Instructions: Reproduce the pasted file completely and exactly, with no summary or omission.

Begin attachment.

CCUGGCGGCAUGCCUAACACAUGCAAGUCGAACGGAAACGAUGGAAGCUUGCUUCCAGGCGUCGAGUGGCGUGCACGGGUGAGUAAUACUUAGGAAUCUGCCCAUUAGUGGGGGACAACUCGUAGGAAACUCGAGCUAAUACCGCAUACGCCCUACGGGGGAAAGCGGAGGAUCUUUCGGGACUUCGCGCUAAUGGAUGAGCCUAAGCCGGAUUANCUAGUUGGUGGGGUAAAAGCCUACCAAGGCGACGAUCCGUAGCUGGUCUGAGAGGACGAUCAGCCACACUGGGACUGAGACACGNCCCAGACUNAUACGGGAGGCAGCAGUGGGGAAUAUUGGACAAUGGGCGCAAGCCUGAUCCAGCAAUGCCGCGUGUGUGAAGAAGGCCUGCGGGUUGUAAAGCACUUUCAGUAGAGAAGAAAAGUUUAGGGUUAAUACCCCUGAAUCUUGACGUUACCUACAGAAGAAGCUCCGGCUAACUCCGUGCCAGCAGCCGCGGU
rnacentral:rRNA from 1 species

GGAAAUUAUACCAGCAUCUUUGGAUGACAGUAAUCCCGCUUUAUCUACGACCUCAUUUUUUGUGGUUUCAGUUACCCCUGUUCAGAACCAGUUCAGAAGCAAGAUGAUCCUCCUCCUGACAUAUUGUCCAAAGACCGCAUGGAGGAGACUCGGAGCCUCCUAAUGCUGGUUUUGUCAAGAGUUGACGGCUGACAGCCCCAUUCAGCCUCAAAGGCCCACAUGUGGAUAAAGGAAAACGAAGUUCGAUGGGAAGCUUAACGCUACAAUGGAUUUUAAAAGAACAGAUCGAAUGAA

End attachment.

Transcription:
CCUGGCGGCAUGCCUAACACAUGCAAGUCGAACGGAAACGAUGGAAGCUUGCUUCCAGGCGUCGAGUGGCGUGCACGGGUGAGUAAUACUUAGGAAUCUGCCCAUUAGUGGGGGACAACUCGUAGGAAACUCGAGCUAAUACCGCAUACGCCCUACGGGGGAAAGCGGAGGAUCUUUCGGGACUUCGCGCUAAUGGAUGAGCCUAAGCCGGAUUANCUAGUUGGUGGGGUAAAAGCCUACCAAGGCGACGAUCCGUAGCUGGUCUGAGAGGACGAUCAGCCACACUGGGACUGAGACACGNCCCAGACUNAUACGGGAGGCAGCAGUGGGGAAUAUUGGACAAUGGGCGCAAGCCUGAUCCAGCAAUGCCGCGUGUGUGAAGAAGGCCUGCGGGUUGUAAAGCACUUUCAGUAGAGAAGAAAAGUUUAGGGUUAAUACCCCUGAAUCUUGACGUUACCUACAGAAGAAGCUCCGGCUAACUCCGUGCCAGCAGCCGCGGU
rnacentral:rRNA from 1 species

GGAAAUUAUACCAGCAUCUUUGGAUGACAGUAAUCCCGCUUUAUCUACGACCUCAUUUUUUGUGGUUUCAGUUACCCCUGUUCAGAACCAGUUCAGAAGCAAGAUGAUCCUCCUCCUGACAUAUUGUCCAAAGACCGCAUGGAGGAGACUCGGAGCCUCCUAAUGCUGGUUUUGUCAAGAGUUGACGGCUGACAGCCCCAUUCAGCCUCAAAGGCCCACAUGUGGAUAAAGGAAAACGAAGUUCGAUGGGAAGCUUAACGCUACAAUGGAUUUUAAAAGAACAGAUCGAAUGAA